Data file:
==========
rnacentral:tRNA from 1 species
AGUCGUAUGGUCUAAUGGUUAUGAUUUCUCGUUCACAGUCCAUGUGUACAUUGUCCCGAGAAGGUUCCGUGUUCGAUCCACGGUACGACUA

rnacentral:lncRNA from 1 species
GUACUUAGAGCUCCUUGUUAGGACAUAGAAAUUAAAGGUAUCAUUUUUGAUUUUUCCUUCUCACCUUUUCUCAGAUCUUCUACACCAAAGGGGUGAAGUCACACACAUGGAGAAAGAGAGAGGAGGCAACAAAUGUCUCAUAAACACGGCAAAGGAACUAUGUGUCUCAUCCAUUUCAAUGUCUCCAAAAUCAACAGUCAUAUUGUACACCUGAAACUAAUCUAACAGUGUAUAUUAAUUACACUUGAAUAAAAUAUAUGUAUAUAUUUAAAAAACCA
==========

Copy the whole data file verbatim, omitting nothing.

rnacentral:tRNA from 1 species
AGUCGUAUGGUCUAAUGGUUAUGAUUUCUCGUUCACAGUCCAUGUGUACAUUGUCCCGAGAAGGUUCCGUGUUCGAUCCACGGUACGACUA

rnacentral:lncRNA from 1 species
GUACUUAGAGCUCCUUGUUAGGACAUAGAAAUUAAAGGUAUCAUUUUUGAUUUUUCCUUCUCACCUUUUCUCAGAUCUUCUACACCAAAGGGGUGAAGUCACACACAUGGAGAAAGAGAGAGGAGGCAACAAAUGUCUCAUAAACACGGCAAAGGAACUAUGUGUCUCAUCCAUUUCAAUGUCUCCAAAAUCAACAGUCAUAUUGUACACCUGAAACUAAUCUAACAGUGUAUAUUAAUUACACUUGAAUAAAAUAUAUGUAUAUAUUUAAAAAACCA